Article: Apple suffers High Court defeat over 'prize' iPhone patents

Discussion in 'iPhone' started by EbookReader, Jul 6, 2012.

  1. DanteMann macrumors 6502

    May 23, 2011
  2. 404 tech junkie macrumors regular

    Jun 30, 2012
    Many of Apple's patents really don't make sense. It's refreshing to see a court realizes that. Hopefully this is the beginning of some semblance of common sense being applied to the patent system, as it is currently woefully broken.
  3. Technarchy macrumors 604


    May 21, 2012
    Is this a good thing?

    Think of the unlock screen options that exist in the android world now because no one wanted to risk a patent issue over slide to unlock.

    Think of the HTC One X, GNEX, and GS3 unlock. All different, and all useful in their own way. Would you rather have options or go back to slide to unlock?

    This is what happens when you force companies to not imitate the competition, patent or not.
  4. 404 tech junkie macrumors regular

    Jun 30, 2012
    I respectfully disagree. The Android world already had other lock screens, and the other lock screens such as face unlock, face unlock with voice, motion unlock, etc were not the result of them being afraid to use slide to unlock. It is more a function of inevitable innovation. In the Android world, manufacturers can't afford to sit still for long. They must constantly innovate or they will be passed by the competition. I think the various lock screens are more of a function of them trying to compete.
  5. Technarchy macrumors 604


    May 21, 2012
    Officially, android was slide to unlock until late last year and GNEX/ICS

    On the Gingerbread side, there was not a lot of diversity in screen unlocking until the Sensation and GS2, and both came after Apple started smacking people over patent infringement.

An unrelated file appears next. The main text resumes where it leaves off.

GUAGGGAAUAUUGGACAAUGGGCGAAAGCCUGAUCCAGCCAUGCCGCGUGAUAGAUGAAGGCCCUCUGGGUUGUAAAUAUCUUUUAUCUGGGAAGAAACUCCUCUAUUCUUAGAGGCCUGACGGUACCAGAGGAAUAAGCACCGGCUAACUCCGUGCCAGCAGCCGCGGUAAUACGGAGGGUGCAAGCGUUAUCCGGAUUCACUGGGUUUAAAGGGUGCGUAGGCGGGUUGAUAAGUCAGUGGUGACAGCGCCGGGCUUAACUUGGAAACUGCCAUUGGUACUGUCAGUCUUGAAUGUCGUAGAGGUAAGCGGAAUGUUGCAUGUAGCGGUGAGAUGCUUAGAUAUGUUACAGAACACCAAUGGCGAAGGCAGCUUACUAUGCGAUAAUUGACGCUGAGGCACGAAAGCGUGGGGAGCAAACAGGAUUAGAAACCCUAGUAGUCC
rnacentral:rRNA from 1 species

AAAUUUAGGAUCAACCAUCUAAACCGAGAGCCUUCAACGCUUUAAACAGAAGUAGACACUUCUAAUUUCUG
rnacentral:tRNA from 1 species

I think it was forced evolution in this case.
  6. 404 tech junkie macrumors regular

    Jun 30, 2012
    But even with the Sensation, it was still a slide to unlock gesture, they just added app shortcuts to it. It still was the same concept though. They added that more so to differentiate themselves from other OEM's.
  7. Technarchy macrumors 604


    May 21, 2012
    But the Sensation had an omni directional slide to unlock. I think that would be distinction enough to stand up to a legal challenge if the Apple patent was found valid.
  8. 404 tech junkie macrumors regular

    Jun 30, 2012
    It had to be slid from point A to a specifc point B. You either slid the large ring up, or you slid a shortcut into the ring. Either way, it was still a form of sliding to unlock. That was done as a means of further differentiating Sense from the other overlays. Soon other overlays such as Touchwiz followed suit and added shortcuts also. It's just a natural progression, not anything that was done in fear of a patent. If they were indeed afraid of a patent, then Google would not have used the lock screen they used in the GNex.

    All in all, I'm just tired of these ridiculous suits. Some of the patents Apple holds just don't make any sense, and make you wonder how they were even able to obtain a patent of that particular thing. For example, they have a patent for searching multiple sources with one search request. How the heck can they patent that. That's been around for quite some time. Heck the website had been doing that for quite some time. Just because a person does it from a phone shouldn't mean it should be able to be patented. Things like that make no sense to me.